Abstract 821: A Critical Role for Neuronal Nitric Oxide Synthase in the Physiologic Response to Exercise
Introduction: Neuronal nitric oxide synthase (nNOS) plays important roles in neurotransmission and in cardiac and peripheral muscle. We hypothesized that targeted deletion of the nNOS gene would lead to impaired exercise performance and altered cardiovascular response to chronic exercise training.
Methods: nNOS knockout mice (nNOS-KO) and Wild type (WT) littermates were singly housed in cages containing either freely rotating running wheels or fixed wheels. Exercise performance was analyzed by wheel rotations; heart rate and blood pressure were monitored continuously, using implantable telemeters.
Results: nNOS-KO mice ran the same number of bouts each night at the same speed as WT mice but covered significantly less distance (nNOS-KO 2.5 ± 0.3 km, WT 5.3 ± 0.8 km, p=0.002), due to a significant reduction in bout duration nNOS-KO mice (Panel A). Despite reduced exercise performance,,significant left ventricular hypertrophy was induced by exercise in nNOS-KO mice (12% increase, p=0.008), but not WT mice (5%, p=NS). At rest, untrained nNOS-KO mice were bradycardic compared to WT mice (Panel B), but this difference was abolished by 6 weeks wheel running. Furthermore, heart rate recovery after exercise was significantly reduced in nNOS-KO mice.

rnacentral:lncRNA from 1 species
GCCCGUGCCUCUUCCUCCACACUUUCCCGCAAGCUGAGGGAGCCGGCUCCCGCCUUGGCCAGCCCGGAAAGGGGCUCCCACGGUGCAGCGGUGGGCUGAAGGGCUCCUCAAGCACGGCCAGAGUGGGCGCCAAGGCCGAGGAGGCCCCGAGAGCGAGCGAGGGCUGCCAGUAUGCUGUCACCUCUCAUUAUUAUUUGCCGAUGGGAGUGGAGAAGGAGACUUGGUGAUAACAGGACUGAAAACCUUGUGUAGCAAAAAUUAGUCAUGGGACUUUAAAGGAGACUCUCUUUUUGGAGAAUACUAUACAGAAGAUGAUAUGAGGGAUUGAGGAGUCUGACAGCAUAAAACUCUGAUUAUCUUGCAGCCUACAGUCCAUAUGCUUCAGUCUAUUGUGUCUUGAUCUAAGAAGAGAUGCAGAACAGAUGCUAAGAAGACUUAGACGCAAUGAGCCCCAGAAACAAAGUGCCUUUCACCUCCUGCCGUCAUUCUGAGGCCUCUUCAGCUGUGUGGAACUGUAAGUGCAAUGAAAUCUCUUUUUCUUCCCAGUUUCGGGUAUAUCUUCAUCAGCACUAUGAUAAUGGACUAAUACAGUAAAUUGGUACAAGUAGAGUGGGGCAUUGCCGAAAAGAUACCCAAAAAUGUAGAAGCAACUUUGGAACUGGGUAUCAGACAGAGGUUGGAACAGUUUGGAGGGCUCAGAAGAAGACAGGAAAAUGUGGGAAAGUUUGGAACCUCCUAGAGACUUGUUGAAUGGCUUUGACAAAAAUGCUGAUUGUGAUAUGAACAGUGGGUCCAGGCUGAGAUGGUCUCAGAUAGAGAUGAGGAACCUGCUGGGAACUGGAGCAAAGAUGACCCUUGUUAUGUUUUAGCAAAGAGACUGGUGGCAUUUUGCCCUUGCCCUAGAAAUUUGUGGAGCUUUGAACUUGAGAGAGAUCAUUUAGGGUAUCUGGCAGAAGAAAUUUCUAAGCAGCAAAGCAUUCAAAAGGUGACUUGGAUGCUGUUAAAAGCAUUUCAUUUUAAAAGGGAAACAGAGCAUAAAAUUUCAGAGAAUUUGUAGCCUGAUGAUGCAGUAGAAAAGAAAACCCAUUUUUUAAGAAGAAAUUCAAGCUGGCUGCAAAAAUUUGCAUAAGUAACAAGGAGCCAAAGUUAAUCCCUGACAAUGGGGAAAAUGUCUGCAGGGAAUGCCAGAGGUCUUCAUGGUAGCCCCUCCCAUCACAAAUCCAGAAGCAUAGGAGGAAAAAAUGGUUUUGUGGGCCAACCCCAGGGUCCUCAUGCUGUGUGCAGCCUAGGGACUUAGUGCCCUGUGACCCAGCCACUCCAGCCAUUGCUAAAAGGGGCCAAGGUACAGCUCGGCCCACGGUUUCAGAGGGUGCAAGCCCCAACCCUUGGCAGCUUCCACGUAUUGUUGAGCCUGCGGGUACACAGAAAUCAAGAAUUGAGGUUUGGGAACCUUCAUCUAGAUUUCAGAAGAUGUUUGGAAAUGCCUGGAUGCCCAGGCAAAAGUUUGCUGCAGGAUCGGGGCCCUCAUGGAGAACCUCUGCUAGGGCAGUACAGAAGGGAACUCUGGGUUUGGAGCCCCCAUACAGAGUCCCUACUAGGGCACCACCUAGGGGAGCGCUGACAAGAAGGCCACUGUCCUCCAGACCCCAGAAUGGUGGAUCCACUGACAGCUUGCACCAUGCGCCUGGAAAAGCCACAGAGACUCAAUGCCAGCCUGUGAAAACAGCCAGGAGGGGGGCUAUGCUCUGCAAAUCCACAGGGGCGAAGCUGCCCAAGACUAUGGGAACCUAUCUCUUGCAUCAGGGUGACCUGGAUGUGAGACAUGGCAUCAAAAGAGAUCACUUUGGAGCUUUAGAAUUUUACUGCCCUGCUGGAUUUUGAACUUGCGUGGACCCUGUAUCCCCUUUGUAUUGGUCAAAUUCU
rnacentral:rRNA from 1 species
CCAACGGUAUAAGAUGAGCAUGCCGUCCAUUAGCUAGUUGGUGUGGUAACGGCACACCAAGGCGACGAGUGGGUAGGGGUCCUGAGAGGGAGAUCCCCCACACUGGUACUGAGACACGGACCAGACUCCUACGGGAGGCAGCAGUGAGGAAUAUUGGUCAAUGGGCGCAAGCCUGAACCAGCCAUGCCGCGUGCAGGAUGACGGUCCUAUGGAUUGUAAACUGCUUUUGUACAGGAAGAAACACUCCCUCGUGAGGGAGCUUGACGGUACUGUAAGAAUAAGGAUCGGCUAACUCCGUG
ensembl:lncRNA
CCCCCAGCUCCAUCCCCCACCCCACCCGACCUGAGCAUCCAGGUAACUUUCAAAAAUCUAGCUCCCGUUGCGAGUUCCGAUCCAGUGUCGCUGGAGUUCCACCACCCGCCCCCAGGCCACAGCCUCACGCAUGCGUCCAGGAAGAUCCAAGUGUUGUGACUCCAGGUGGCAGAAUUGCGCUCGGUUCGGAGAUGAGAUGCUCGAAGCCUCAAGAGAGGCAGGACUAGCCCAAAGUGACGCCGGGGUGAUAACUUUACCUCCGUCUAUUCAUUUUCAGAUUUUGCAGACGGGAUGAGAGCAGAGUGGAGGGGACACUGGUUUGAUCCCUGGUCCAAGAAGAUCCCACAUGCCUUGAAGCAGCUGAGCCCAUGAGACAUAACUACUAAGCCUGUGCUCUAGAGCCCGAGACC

Conclusions: nNOS plays a critical physiological role in the hemodynamic and cardiac response to exercise training. Absence of nNOS prevents the development of the normal cardiac autonomic response to chronic exercise training despite the development of significant physiological hypertrophy